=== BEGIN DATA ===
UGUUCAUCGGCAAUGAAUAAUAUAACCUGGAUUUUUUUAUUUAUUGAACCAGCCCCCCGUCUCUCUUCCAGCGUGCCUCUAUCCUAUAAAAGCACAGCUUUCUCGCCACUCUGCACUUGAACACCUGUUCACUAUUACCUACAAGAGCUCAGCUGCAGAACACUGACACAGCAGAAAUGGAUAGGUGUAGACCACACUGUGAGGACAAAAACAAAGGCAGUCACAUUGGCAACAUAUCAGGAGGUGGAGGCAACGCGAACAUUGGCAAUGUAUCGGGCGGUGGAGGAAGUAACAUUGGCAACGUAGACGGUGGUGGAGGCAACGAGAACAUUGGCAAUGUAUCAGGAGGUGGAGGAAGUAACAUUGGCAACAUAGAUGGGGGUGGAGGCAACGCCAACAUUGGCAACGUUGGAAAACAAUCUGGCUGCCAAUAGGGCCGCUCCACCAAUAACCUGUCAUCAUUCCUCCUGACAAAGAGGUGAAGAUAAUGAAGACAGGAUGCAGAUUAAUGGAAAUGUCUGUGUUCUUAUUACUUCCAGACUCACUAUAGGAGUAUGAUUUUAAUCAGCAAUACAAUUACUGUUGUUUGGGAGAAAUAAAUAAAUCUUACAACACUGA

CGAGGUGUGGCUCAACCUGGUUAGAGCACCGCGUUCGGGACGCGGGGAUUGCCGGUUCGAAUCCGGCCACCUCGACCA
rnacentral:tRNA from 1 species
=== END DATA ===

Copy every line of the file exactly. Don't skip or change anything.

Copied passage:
UGUUCAUCGGCAAUGAAUAAUAUAACCUGGAUUUUUUUAUUUAUUGAACCAGCCCCCCGUCUCUCUUCCAGCGUGCCUCUAUCCUAUAAAAGCACAGCUUUCUCGCCACUCUGCACUUGAACACCUGUUCACUAUUACCUACAAGAGCUCAGCUGCAGAACACUGACACAGCAGAAAUGGAUAGGUGUAGACCACACUGUGAGGACAAAAACAAAGGCAGUCACAUUGGCAACAUAUCAGGAGGUGGAGGCAACGCGAACAUUGGCAAUGUAUCGGGCGGUGGAGGAAGUAACAUUGGCAACGUAGACGGUGGUGGAGGCAACGAGAACAUUGGCAAUGUAUCAGGAGGUGGAGGAAGUAACAUUGGCAACAUAGAUGGGGGUGGAGGCAACGCCAACAUUGGCAACGUUGGAAAACAAUCUGGCUGCCAAUAGGGCCGCUCCACCAAUAACCUGUCAUCAUUCCUCCUGACAAAGAGGUGAAGAUAAUGAAGACAGGAUGCAGAUUAAUGGAAAUGUCUGUGUUCUUAUUACUUCCAGACUCACUAUAGGAGUAUGAUUUUAAUCAGCAAUACAAUUACUGUUGUUUGGGAGAAAUAAAUAAAUCUUACAACACUGA

CGAGGUGUGGCUCAACCUGGUUAGAGCACCGCGUUCGGGACGCGGGGAUUGCCGGUUCGAAUCCGGCCACCUCGACCA
rnacentral:tRNA from 1 species